This is something I have especially realized from coaching. I always enjoyed winning more as a player, a coach, or a parent of a player. The tougher the contest, the more passionately I was involved in the game, the sweeter the victory, and alternatively the more emotionally wrenching the defeat.
After a win, just happiness, joy, congratulations. Not much reflection.
After a loss, especially as a coach, I analyze, and research, and try to understand how it happened, what weaknesses we had in our game plan relative to the opponent's; what could be improved in our practices to turn the weaknesses realized in the loss into strengths.
I wasn't the coach or the player or the parent in this election. My only job was to represent my faith, explain my positions and who I was supporting because of my beliefs, and then to pray fervently for the will of God to be done, that his favored candidates would be elected at local, state, and federal levels.
I didn't feel last night that this is what happened. It was more wrenching this defeat, because I was so passionate and so hopeful and had done what was in my power to do. What good is analyzing it going to do?
What I did learn again was how recuperative sleep can be. I didn't drink last night. I wanted to go to a movie but there wasn't anything worth watching. I just went to bed after finishing Story of A Soul. I had to force myself to read that. I was so completely fed up with drudge, foxnews . . . . my little crutches during this election season.
I am glad I did. The last thing I read was about St. Thérèse's dream where she has her head held in the hands of a deceased superior in her Carmelite order, and she is told that Jesus is very pleased with her, and with her little acts done with great love. What a saint!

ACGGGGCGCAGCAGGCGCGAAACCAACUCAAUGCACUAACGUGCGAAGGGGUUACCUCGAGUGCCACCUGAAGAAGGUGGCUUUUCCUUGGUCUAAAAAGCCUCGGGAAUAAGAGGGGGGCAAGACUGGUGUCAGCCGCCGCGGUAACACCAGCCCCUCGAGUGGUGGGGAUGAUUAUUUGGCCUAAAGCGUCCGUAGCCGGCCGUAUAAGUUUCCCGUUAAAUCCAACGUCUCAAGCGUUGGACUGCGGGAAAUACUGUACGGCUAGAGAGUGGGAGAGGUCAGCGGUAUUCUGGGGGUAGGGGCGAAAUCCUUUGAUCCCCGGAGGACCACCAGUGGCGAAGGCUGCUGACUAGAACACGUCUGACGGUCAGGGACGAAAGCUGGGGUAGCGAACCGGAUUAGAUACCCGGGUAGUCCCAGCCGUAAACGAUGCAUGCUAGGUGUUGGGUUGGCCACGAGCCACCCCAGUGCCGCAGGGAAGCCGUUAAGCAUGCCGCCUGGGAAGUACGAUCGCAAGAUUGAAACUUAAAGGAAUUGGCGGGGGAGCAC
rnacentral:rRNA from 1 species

Last week I was a little disappointed that the new pastor for our local Catholic parish confused St. Teresa of Avila with St. Thérèse of Lisieux. I love them both. We gave my younger daughter the middle name Therese in honor of both of these great saints, as well as Blessed Mother Teresa of Calcutta.
What did I learn from this defeat? I learned that my passions continue to get the better of me instead of God getting the better of me. I was praying after Mass this morning and realized that the magnitude of sorrow and irritability I had last night as the election went the way I had hoped it wouldn't, showed me how far I am from who I might be and hope to be . . . someone like St. Thérèse whose passion for Our Lord was so well channeled into actually loving him in her small acts. She wrote toward the end of her autobiography of how her soul was in peace and calm.
How different from my soul last night. Here I am in my middle years and still my only solace from the personal defeats of my obsessiveness over polls, candidates, issues, and election results is that the Holy Spirit continues to find ways to show me what my weakness and failings are.
I can resolve anew to seek first the Lord's Kingdom (Matthew 6:33) within me . . . not in a detached way as advocating a philosophy or an engraving on the back of my iPad (and it is), but as the way I live each day of my life.
I have so little self-discipline. That is a personal defeat. Knowing that self-control is a fruit of the Spirit seems to tell me that I am in dire need for a greater out-pouring of the Holy Spirit, or I am making the wrong choices with my free will that is impeding his action in my life, in transforming my heart, or it is a thorn that God permits for me to realize how much more I need his grace.
"My strength is made perfect in weakness," is what he told Paul in 2 Corinthians 12:9.
Just hoping Lord that you will give me the strength to follow where your Spirit leads and to please you. I do place all my trust in you.